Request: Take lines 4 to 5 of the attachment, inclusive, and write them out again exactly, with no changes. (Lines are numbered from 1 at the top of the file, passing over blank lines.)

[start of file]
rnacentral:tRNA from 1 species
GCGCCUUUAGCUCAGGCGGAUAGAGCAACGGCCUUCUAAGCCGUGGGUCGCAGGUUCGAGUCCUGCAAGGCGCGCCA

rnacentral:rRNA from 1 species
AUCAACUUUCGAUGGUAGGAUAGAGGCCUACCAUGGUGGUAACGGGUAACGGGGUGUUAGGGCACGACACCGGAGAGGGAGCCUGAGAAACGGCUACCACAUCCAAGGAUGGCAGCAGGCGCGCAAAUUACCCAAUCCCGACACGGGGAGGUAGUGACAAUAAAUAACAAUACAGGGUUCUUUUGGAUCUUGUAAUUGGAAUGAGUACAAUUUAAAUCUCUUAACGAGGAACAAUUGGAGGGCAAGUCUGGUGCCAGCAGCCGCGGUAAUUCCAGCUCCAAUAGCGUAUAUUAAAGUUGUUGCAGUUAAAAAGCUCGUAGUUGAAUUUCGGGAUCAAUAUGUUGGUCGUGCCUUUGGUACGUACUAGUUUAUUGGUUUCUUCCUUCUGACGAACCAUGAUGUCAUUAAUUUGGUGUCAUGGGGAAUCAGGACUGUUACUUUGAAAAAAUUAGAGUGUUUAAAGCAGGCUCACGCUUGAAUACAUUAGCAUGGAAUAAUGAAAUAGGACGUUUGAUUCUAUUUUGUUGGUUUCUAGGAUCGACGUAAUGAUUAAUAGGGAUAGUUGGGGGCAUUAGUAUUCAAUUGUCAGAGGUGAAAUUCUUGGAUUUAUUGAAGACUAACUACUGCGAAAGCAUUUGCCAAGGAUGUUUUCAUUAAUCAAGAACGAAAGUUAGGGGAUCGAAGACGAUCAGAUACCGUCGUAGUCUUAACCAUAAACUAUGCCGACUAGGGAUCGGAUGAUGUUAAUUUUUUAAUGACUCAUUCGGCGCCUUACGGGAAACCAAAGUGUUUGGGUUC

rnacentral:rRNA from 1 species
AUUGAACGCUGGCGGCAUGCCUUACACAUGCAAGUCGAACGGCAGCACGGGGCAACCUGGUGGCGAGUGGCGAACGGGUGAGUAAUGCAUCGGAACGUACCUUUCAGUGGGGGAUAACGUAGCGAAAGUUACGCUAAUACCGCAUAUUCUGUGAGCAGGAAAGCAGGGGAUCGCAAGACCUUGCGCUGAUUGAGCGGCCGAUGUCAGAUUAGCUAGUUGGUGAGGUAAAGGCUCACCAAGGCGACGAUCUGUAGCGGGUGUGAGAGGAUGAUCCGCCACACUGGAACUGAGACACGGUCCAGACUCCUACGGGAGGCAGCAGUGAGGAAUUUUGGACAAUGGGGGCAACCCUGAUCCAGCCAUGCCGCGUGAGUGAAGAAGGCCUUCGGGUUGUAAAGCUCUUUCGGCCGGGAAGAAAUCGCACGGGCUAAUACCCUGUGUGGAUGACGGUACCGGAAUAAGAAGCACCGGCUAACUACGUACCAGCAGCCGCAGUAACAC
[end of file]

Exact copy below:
AUCAACUUUCGAUGGUAGGAUAGAGGCCUACCAUGGUGGUAACGGGUAACGGGGUGUUAGGGCACGACACCGGAGAGGGAGCCUGAGAAACGGCUACCACAUCCAAGGAUGGCAGCAGGCGCGCAAAUUACCCAAUCCCGACACGGGGAGGUAGUGACAAUAAAUAACAAUACAGGGUUCUUUUGGAUCUUGUAAUUGGAAUGAGUACAAUUUAAAUCUCUUAACGAGGAACAAUUGGAGGGCAAGUCUGGUGCCAGCAGCCGCGGUAAUUCCAGCUCCAAUAGCGUAUAUUAAAGUUGUUGCAGUUAAAAAGCUCGUAGUUGAAUUUCGGGAUCAAUAUGUUGGUCGUGCCUUUGGUACGUACUAGUUUAUUGGUUUCUUCCUUCUGACGAACCAUGAUGUCAUUAAUUUGGUGUCAUGGGGAAUCAGGACUGUUACUUUGAAAAAAUUAGAGUGUUUAAAGCAGGCUCACGCUUGAAUACAUUAGCAUGGAAUAAUGAAAUAGGACGUUUGAUUCUAUUUUGUUGGUUUCUAGGAUCGACGUAAUGAUUAAUAGGGAUAGUUGGGGGCAUUAGUAUUCAAUUGUCAGAGGUGAAAUUCUUGGAUUUAUUGAAGACUAACUACUGCGAAAGCAUUUGCCAAGGAUGUUUUCAUUAAUCAAGAACGAAAGUUAGGGGAUCGAAGACGAUCAGAUACCGUCGUAGUCUUAACCAUAAACUAUGCCGACUAGGGAUCGGAUGAUGUUAAUUUUUUAAUGACUCAUUCGGCGCCUUACGGGAAACCAAAGUGUUUGGGUUC

rnacentral:rRNA from 1 species